CANNES, France -- When two youngish guys in suits with briefcases show up at the front door of Eva, a scraggly-haired, anorexic-thin New York suburbanite played by Tilda Swinton in "We Need to Talk About Kevin," she has plenty of reasons to be alarmed. People smash eggs in her supermarket cart, assault her in parking lots, splatter red paint across the front of her decrepit rented bungalow. So when it turns out that these guys want to talk to her about the afterlife, Eva laughs with relief. She already knows about that, she tells them. "I'm going straight to hell. Eternal damnation, the whole thing."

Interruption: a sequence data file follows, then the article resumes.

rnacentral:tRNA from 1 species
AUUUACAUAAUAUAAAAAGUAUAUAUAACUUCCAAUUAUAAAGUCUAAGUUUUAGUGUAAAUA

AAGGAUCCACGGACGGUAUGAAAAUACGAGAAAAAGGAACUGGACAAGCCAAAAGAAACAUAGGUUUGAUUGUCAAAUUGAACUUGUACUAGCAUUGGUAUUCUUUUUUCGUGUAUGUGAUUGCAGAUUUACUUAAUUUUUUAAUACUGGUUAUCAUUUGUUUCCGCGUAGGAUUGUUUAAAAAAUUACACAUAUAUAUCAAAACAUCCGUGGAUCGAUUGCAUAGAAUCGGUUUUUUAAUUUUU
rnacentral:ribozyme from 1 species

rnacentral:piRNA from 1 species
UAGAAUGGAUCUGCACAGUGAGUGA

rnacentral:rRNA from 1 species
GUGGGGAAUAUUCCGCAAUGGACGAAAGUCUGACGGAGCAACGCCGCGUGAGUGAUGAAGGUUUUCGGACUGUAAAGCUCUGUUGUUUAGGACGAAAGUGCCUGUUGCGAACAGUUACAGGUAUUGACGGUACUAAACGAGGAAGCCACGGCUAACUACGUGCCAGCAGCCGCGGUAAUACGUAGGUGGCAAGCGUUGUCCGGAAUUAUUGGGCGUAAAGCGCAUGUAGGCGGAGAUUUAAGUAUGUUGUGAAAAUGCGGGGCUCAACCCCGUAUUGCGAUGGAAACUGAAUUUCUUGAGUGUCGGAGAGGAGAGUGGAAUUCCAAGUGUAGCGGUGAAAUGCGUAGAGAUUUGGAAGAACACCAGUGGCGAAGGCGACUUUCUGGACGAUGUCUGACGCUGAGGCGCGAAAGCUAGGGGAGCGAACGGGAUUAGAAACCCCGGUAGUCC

That might be the only real laugh line in Scottish director Lynne Ramsay's masterfully crafted but unrelentingly bleak film, the first of the Palme d'Or competition entries to screen at this year's Cannes Film Festival. The thing is, Eva's not cracking a joke. She might as well have told those guys she's already in hell -- none of the torments imagined by Dante could exceed what she's already lived through. "We Need to Talk About Kevin" is a lot of things: A visual essay on the color red, a triumph of sound design and musical-visual counterpoint, a chronologically disordered, collage-style portrait of a family's disintegration; a character study of a woman who surrendered her urbanity and her independence for her family and reaps the whirlwind from those seeds of bitterness. It's also a non-American director's movie about the soullessness of American suburbia, which bothers me some because it's so hackneyed but might bother me more if it weren't so convincingly rendered. But when you break it down to essentials, it's a monster movie -- and I think all discussion of its craft and subtlety (which are considerable) or about how great or how evil it is are constrained by that fact.